O'Keefe wrote "The Real Festivus: The True Story Behind America's Favorite Made-Up Holiday" and co-wrote the "Seinfeld" episode.

In the episode, Frank Costanza, played by actor Jerry Stiller, comes up with the idea for a new holiday after struggling in a tug-of-war for a doll at a toy store.

Festivus'"traditions" differ from those of Christmas.

Instead of a tree, Festivus followers celebrate around a metal pole. Boam's Festivus pole is 6 feet tall and rooted in bucket of cement.

"No tinsel, no ornaments. Nothing should go on it. It should be bare," Boam said.

Guests also grab the pole and fume about how others have disappointed them in the past year.

"One year, we had a blizzard on the night of the party," Klapsinos said. "So we grieved about everyone who said they were going to show up but didn't. I mean, we made it, right?"

Finally, the festival features feats of strength.

"This usually means wrestling," said Jack Munch, a real-estate broker. "I've seen parties where it deteriorates into five people wrestling in the snow in the backyard. The whole thing is a blast. You never know what's going to happen on Festivus."
Rudolph the Red-Nosed Reindeer

You know Dasher and Dancer
And Prancer and Vixen,
Comet and Cupid
And Donner and Blitzen.
But do you recall
The most famous reindeer of all?

Rudolph the red-nosed reindeer
(reindeer)
Had a very shiny nose
(like a light bulb)
And if you ever saw it
(saw it)
You would even say it glows
(like a flash light)

All of the other reindeer
(reindeer)
Used to laugh and call him names
(like Pinochio)
They never let poor Rudolph
(Rudolph)
Play in any reindeer games
(like Monopoly)

Then one foggy Christmas Eve
Santa came to say
(Ho Ho Ho)
Rudolph with your nose so bright
Won't you guide my sleigh tonight?

Then all the reindeer loved him
(loved him)
And they shouted out with glee
(yippee)
"Rudolph the red-nosed reindeer
(reindeer)
You'll go down in history!"
(like Columbus)
A Visit From St. Nicholas
by Clement Clarke Moore

'Twas the night before Christmas', when all through the house, not a creature was stirring, not even a mouse; The stockings were hung by the chimney with care, In hopes that ST. NICHOLAS soon would be there;

The children were nestled all snug in their beds, While visions of sugar-plums danced in their heads; And mamma in her 'kerchief, and I in my cap, had just settled down for a long winter's nap, When out on the lawn there arose such a clatter, I sprang from the bed to see what was the matter. Away to the window I flew like a flash, tore open the shutters and threw up the sash.

The moon on the breast of the new-fallen snow gave the luster of mid-day to objects below, When, what to my wondering eyes should appear, but a miniature sleigh, and eight tiny reindeer, With a little old driver, so lively and quick, I knew in a moment it must be St. Nick.More rapid than eagles his coursers they came, And he whistled, and shouted, and called them by name: "Now, DASHER! now, DANCER! now, PRANCER and VIXEN! On, COMET! on CUPID! on, DONDER and BLITZEN! To the top of the porch! to the top of the wall! Now dash away! dash away! dash away all!"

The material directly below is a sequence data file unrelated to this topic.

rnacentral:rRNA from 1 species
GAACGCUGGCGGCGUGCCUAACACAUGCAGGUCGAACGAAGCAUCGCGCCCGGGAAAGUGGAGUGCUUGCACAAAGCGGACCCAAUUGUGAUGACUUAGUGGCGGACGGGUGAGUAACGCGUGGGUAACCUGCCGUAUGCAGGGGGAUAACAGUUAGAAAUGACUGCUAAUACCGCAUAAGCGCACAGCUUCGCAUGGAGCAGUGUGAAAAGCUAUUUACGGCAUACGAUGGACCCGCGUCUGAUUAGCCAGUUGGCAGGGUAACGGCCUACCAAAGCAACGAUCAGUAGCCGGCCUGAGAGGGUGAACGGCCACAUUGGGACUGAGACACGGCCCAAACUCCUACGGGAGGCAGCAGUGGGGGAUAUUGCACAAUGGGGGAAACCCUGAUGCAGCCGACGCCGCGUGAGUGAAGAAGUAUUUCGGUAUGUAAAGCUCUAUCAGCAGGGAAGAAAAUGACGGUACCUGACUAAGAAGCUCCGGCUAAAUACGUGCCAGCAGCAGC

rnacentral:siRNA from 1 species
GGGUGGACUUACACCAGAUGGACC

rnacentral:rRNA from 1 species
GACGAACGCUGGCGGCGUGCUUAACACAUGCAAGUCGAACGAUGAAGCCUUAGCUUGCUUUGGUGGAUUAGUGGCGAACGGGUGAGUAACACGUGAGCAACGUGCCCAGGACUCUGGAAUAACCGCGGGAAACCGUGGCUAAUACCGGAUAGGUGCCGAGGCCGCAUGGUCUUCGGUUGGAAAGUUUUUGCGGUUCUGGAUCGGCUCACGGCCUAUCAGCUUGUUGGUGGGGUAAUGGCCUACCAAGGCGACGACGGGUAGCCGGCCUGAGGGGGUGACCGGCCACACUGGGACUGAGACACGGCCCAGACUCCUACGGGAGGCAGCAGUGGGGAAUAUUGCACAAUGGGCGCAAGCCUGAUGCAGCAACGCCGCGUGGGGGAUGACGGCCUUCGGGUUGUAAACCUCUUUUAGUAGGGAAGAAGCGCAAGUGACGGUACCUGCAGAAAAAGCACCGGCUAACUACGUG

"As dry leaves that before the wild hurricane fly, When they meet with an obstacle, mount to the sky, so up to the house-top the coursers they flew, With the sleigh full of toys, and St. Nicholas too. And then, in a twinkling, I heard on the roof the prancing and pawing of each little hoof.

As I drew in my hand, and was turning around, down the chimney St. Nicholas came with a bound. He was dressed all in fur, from his head to his foot, and his clothes were all tarnished with ashes and soot; A bundle of toys he had flung on his back, and he looked like a peddler just opening his pack.His eyes -- how they twinkled! his dimples how merry! His cheeks were like roses, his nose like a cherry! His droll little mouth was drawn up like a bow, and the beard of his chin was as white as the snow; The stump of a pipe he held tight in his teeth, and the smoke it encircled his head like a wreath; He had a broad face and a little round belly, that shook, when he laughed like a bowl full of jelly. He was chubby and plump, a right jolly old elf, and I laughed when I saw him, in spite of myself; A wink of his eye and a twist of his head, soon gave me to know I had nothing to dread;

He spoke not a word, but went straight to his work, and filled all the stockings; then turned with a jerk, Laying his finger aside of his nose, And giving a nod, up the chimney he rose; He sprang to his sleigh, to his team gave a whistle, and away they all flew like the down of a thistle. But I heard him exclaim, as he drove out of sight,
"MERRY CHRISTMAS TO ALL, AND TO ALL A GOOD-NIGHT."
Christmas Customs

Many Christmas customs are based on the birth of Christ. Such as giving presents because of the Wise Men, who brought presents to the baby Jesus. Christmas carols based on Christ's birth and scenes of the birth with figures of shepherds, the Wise Men, and animals surrounding the baby Jesus.